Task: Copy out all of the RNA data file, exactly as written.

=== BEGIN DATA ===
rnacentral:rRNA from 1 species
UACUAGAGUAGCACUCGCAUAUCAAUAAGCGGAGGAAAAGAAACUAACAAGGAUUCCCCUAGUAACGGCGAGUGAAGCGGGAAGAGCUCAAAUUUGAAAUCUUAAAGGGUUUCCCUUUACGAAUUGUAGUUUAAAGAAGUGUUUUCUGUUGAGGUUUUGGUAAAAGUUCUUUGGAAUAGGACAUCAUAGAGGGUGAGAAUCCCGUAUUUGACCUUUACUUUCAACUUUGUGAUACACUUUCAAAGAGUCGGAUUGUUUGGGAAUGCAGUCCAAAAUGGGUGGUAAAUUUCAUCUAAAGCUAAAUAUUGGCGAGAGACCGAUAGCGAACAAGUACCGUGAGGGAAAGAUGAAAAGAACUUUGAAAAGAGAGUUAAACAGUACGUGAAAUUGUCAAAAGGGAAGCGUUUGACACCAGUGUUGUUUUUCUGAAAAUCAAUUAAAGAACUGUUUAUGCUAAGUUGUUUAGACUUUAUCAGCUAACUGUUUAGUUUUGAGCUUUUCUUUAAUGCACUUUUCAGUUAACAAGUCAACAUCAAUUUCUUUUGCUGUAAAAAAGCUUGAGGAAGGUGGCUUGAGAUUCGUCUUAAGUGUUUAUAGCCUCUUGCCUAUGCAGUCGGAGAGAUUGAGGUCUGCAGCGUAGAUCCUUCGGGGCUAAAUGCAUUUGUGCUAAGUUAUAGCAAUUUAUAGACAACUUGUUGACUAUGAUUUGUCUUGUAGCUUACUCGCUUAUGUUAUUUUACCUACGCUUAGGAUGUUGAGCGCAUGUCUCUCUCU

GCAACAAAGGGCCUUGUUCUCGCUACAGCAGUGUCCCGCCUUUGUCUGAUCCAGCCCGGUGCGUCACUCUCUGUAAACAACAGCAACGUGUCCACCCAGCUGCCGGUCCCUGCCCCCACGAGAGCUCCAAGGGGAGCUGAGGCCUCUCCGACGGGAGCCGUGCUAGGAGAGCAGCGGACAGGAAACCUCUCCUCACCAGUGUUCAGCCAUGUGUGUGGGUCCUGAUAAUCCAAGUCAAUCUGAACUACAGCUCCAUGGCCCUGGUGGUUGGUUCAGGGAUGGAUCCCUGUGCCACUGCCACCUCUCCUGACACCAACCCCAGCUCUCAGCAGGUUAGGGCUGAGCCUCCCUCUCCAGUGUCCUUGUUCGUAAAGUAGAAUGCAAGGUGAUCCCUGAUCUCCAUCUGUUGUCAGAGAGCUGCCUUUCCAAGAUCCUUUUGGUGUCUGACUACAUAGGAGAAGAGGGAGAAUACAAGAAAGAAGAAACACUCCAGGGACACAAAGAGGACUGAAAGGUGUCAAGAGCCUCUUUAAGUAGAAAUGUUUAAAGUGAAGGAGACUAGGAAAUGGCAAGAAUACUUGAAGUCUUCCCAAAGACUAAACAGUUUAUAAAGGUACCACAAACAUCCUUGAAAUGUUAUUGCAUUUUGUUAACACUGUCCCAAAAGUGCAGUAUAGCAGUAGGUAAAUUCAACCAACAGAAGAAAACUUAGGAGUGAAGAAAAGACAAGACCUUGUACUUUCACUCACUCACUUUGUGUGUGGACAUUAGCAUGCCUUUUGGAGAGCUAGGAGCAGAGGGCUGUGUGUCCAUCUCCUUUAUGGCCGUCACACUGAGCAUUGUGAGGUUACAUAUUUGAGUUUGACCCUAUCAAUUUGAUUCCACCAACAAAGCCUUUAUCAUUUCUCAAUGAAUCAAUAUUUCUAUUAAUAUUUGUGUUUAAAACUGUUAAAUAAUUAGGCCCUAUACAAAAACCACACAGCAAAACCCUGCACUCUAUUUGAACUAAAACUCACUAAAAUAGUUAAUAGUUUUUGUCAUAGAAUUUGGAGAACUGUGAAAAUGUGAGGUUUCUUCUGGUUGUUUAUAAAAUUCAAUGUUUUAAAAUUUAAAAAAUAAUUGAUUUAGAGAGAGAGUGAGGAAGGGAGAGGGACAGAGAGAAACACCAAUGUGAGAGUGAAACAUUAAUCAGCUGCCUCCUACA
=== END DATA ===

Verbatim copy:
rnacentral:rRNA from 1 species
UACUAGAGUAGCACUCGCAUAUCAAUAAGCGGAGGAAAAGAAACUAACAAGGAUUCCCCUAGUAACGGCGAGUGAAGCGGGAAGAGCUCAAAUUUGAAAUCUUAAAGGGUUUCCCUUUACGAAUUGUAGUUUAAAGAAGUGUUUUCUGUUGAGGUUUUGGUAAAAGUUCUUUGGAAUAGGACAUCAUAGAGGGUGAGAAUCCCGUAUUUGACCUUUACUUUCAACUUUGUGAUACACUUUCAAAGAGUCGGAUUGUUUGGGAAUGCAGUCCAAAAUGGGUGGUAAAUUUCAUCUAAAGCUAAAUAUUGGCGAGAGACCGAUAGCGAACAAGUACCGUGAGGGAAAGAUGAAAAGAACUUUGAAAAGAGAGUUAAACAGUACGUGAAAUUGUCAAAAGGGAAGCGUUUGACACCAGUGUUGUUUUUCUGAAAAUCAAUUAAAGAACUGUUUAUGCUAAGUUGUUUAGACUUUAUCAGCUAACUGUUUAGUUUUGAGCUUUUCUUUAAUGCACUUUUCAGUUAACAAGUCAACAUCAAUUUCUUUUGCUGUAAAAAAGCUUGAGGAAGGUGGCUUGAGAUUCGUCUUAAGUGUUUAUAGCCUCUUGCCUAUGCAGUCGGAGAGAUUGAGGUCUGCAGCGUAGAUCCUUCGGGGCUAAAUGCAUUUGUGCUAAGUUAUAGCAAUUUAUAGACAACUUGUUGACUAUGAUUUGUCUUGUAGCUUACUCGCUUAUGUUAUUUUACCUACGCUUAGGAUGUUGAGCGCAUGUCUCUCUCU

GCAACAAAGGGCCUUGUUCUCGCUACAGCAGUGUCCCGCCUUUGUCUGAUCCAGCCCGGUGCGUCACUCUCUGUAAACAACAGCAACGUGUCCACCCAGCUGCCGGUCCCUGCCCCCACGAGAGCUCCAAGGGGAGCUGAGGCCUCUCCGACGGGAGCCGUGCUAGGAGAGCAGCGGACAGGAAACCUCUCCUCACCAGUGUUCAGCCAUGUGUGUGGGUCCUGAUAAUCCAAGUCAAUCUGAACUACAGCUCCAUGGCCCUGGUGGUUGGUUCAGGGAUGGAUCCCUGUGCCACUGCCACCUCUCCUGACACCAACCCCAGCUCUCAGCAGGUUAGGGCUGAGCCUCCCUCUCCAGUGUCCUUGUUCGUAAAGUAGAAUGCAAGGUGAUCCCUGAUCUCCAUCUGUUGUCAGAGAGCUGCCUUUCCAAGAUCCUUUUGGUGUCUGACUACAUAGGAGAAGAGGGAGAAUACAAGAAAGAAGAAACACUCCAGGGACACAAAGAGGACUGAAAGGUGUCAAGAGCCUCUUUAAGUAGAAAUGUUUAAAGUGAAGGAGACUAGGAAAUGGCAAGAAUACUUGAAGUCUUCCCAAAGACUAAACAGUUUAUAAAGGUACCACAAACAUCCUUGAAAUGUUAUUGCAUUUUGUUAACACUGUCCCAAAAGUGCAGUAUAGCAGUAGGUAAAUUCAACCAACAGAAGAAAACUUAGGAGUGAAGAAAAGACAAGACCUUGUACUUUCACUCACUCACUUUGUGUGUGGACAUUAGCAUGCCUUUUGGAGAGCUAGGAGCAGAGGGCUGUGUGUCCAUCUCCUUUAUGGCCGUCACACUGAGCAUUGUGAGGUUACAUAUUUGAGUUUGACCCUAUCAAUUUGAUUCCACCAACAAAGCCUUUAUCAUUUCUCAAUGAAUCAAUAUUUCUAUUAAUAUUUGUGUUUAAAACUGUUAAAUAAUUAGGCCCUAUACAAAAACCACACAGCAAAACCCUGCACUCUAUUUGAACUAAAACUCACUAAAAUAGUUAAUAGUUUUUGUCAUAGAAUUUGGAGAACUGUGAAAAUGUGAGGUUUCUUCUGGUUGUUUAUAAAAUUCAAUGUUUUAAAAUUUAAAAAAUAAUUGAUUUAGAGAGAGAGUGAGGAAGGGAGAGGGACAGAGAGAAACACCAAUGUGAGAGUGAAACAUUAAUCAGCUGCCUCCUACA